The oil price problems America is facing today mirror those of the 1970s. And given our chronic inability to develop a sustainable long-term energy policy, it shouldn’t come as a surprise that we had a long-term solution then (that we’ve since abandoned): make sure oil prices stay high, thus driving down consumption.
What is surprising was a politician actually spoke of such a solution. And not just any politician, the US’s 38th President, Gerald Ford.
Here are some excerpts from his State of the Union Address in 1975 (NYT):
To provide the critical stability for our domestic energy production in the face of world price uncertainty, I will request legislation to authorise and require tariffs, import quotas or price floors to protect our energy prices at levels which will achieve energy independence.
Increasing energy supplies is not enough. We must take additional steps to cut long-term consumption.
Obviously, voluntary conservation continues to be essential, but tougher programs are needed, and needed now.
Ford’s comprehensive energy policy included:
- more oil drilling
- more use of nuclear power and coal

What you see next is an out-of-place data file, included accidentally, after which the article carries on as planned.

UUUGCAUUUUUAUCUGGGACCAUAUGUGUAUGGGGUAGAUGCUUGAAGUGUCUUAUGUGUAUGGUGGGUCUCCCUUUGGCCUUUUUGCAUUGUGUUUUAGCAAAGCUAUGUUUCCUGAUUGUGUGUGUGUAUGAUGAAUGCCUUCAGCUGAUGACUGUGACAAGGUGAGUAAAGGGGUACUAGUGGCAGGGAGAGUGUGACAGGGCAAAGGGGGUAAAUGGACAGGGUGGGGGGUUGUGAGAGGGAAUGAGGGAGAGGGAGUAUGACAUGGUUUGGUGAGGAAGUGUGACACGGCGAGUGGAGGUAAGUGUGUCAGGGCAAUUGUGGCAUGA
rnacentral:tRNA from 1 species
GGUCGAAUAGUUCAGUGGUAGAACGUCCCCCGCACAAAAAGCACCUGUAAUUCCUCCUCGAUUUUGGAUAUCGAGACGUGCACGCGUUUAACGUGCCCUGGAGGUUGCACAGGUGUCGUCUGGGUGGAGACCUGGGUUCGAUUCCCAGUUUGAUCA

- forcing Detroit to raise the fuel efficiency of cars
- imposing taxes to assure that the price of gasoline did not fall
- passing a windfall profits tax to assure that the oil companies did not become too rich
The last one is silly (should we put a windfall tax on Google and Microsoft, too?), and high oil prices are doing an excellent job of forcing Detroit to raise fuel efficiency. But diversifying energy sources and taxing gas to encourage conservation and provide price stability are smart.
On the election trail, of course, all John McCain and Barack Obama can talk about it is how to reduce prices at the pump. Let’s just hope that even though they can’t level with voters about reality, they’ll allow reality to dictate their actual energy policies.